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Cyber Unit Pivotal in Solving Crime Online and Off

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Cyber Unit Pivotal in Solving Crime Online and Off

Technology

Cyber Unit Pivotal in Solving Crime Online and Off

Cyber Unit Pivotal in Solving Crime Online and Off

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  • <iframe src="https://www.npr.org/player/embed/17850966/17880687" width="100%" height="290" frameborder="0" scrolling="no" title="NPR embedded audio player">
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Richard Seweryniak, a Virginia State Police computer forensic examiner, investigates electronic evidence on the Web and on the computers of victims and suspects. Davar Ardalan, NPR hide caption

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Davar Ardalan, NPR

Richard Seweryniak, a Virginia State Police computer forensic examiner, investigates electronic evidence on the Web and on the computers of victims and suspects.

Davar Ardalan, NPR

Hacking Your System

James Lewis, director and senior fellow at the Center for Strategic and International Studies’ technology and public policy program, describes how cyber criminals operate. Hear Lewis on:

Where cyber crime originates around the globe

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How cyber criminals form their own communities to commit crimes

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How cyber criminals use 'botnets' to take over computers

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At the Computer Evidence Recovery Unit at the headquarters of the Virginia State Police, six cyber-forensic investigators surf through hundreds of thousands of documents online to help bring criminals to justice.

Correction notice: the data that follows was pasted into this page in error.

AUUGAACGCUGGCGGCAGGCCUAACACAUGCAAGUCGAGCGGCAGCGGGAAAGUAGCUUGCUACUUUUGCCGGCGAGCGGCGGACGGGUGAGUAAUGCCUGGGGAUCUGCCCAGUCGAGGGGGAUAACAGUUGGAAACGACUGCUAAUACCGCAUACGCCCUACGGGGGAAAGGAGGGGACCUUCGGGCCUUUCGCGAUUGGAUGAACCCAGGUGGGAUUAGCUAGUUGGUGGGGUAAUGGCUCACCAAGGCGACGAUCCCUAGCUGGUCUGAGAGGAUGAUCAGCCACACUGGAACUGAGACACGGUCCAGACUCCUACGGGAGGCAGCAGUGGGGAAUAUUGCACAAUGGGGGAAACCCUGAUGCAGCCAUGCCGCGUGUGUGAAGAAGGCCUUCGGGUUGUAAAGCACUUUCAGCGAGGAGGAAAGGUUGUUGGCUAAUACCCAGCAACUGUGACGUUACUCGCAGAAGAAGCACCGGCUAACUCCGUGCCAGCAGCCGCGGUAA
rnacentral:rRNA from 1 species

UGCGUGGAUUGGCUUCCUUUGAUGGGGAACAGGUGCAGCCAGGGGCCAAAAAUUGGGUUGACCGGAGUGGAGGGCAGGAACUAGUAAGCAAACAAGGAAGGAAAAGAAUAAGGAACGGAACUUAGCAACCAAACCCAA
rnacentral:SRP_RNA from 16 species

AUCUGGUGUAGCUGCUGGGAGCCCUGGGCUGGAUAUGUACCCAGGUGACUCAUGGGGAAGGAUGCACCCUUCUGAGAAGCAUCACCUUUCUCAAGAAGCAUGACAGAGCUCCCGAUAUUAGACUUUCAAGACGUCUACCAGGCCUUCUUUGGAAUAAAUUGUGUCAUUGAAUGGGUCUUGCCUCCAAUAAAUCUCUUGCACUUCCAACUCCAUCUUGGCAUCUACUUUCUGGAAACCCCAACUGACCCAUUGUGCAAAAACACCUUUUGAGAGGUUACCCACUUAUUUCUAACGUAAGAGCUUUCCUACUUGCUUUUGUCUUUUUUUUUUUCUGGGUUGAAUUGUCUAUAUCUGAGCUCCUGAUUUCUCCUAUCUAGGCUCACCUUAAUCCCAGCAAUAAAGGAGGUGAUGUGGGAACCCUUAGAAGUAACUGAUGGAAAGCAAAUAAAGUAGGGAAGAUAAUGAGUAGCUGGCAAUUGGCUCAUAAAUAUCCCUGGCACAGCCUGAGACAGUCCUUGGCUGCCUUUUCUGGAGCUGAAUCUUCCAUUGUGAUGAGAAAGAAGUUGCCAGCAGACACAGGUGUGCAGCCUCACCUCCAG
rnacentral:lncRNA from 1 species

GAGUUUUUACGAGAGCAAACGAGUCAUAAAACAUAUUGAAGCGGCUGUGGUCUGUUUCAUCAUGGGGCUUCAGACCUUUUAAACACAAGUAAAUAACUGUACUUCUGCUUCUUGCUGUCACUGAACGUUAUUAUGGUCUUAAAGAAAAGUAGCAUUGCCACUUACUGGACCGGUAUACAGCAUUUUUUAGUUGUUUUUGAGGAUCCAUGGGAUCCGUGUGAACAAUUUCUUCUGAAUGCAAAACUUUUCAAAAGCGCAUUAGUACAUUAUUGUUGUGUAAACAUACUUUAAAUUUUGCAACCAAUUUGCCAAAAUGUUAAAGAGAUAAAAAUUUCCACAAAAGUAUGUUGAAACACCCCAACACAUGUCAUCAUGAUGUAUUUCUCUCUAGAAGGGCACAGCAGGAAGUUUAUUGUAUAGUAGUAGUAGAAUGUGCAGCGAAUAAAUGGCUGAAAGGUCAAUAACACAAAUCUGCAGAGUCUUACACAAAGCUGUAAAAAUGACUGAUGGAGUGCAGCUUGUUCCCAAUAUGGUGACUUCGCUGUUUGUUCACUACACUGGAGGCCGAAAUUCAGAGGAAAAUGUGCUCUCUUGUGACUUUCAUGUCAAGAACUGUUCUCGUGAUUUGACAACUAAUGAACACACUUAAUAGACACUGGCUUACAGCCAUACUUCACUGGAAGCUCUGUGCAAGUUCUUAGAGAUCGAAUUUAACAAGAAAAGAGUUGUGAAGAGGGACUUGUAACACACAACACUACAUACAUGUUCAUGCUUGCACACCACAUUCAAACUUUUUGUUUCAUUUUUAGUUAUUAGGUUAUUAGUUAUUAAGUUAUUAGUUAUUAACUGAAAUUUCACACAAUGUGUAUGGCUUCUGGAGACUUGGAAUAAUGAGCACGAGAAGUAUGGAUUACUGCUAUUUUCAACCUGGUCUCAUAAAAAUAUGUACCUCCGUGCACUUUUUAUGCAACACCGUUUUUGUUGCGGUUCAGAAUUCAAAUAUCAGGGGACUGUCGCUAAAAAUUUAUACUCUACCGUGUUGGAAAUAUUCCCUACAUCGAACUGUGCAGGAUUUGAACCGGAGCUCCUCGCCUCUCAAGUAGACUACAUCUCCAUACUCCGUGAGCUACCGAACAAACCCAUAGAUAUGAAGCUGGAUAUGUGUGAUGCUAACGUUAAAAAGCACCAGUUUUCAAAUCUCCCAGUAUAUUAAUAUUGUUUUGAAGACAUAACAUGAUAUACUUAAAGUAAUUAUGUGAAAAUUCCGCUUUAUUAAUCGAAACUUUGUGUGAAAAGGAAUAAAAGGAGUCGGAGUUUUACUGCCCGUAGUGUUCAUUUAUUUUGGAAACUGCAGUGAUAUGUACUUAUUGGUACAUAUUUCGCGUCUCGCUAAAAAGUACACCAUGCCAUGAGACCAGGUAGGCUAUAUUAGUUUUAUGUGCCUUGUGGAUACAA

The small team examines the digital fingerprints — patterns of electronic behavior and keystrokes — in criminal cases. In 2007, the lab was instrumental in investigating about 100 cases, including ones involving a serial rapist and a Catholic priest who embezzled from two Virginia parishes.

The unit also examines evidence in high-profile crimes, including that of Virginia Tech shooter Seung-Hui Cho. After the April shootings last year, the lab investigated equipment seized by the FBI.

Richard Seweryniak, a computer forensic examiner, says evidence that comes into the unit isn't always on a hard drive.

"Sometimes we might receive computers from a murder investigation which has dry blood or sometimes even liquid blood, if it's a high-profile case and needs to be worked immediately. So we do have to take special precautions," Seweryniak says.

Last month, the unit — along with Virginia Commonwealth University and the National White Collar Crime Center — announced plans to hire more than a dozen new experts and add space for more classrooms and training facilities.

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Liane Hansen visited the lab just outside Richmond to learn more about computer crime and cyber-forensic investigation. Her report is the first in a four-part series examining vulnerability and security risks in today's virtual world. The series will also explore the increasingly popular specialty of cyberlaw, the threat of cyberfraud and the frightening growth of cyberstalking.

Weekend Edition Sunday's month-long series on Cyber Crime was produced by Davar Ardalan and Laura Krantz and edited by Jenni Bergal.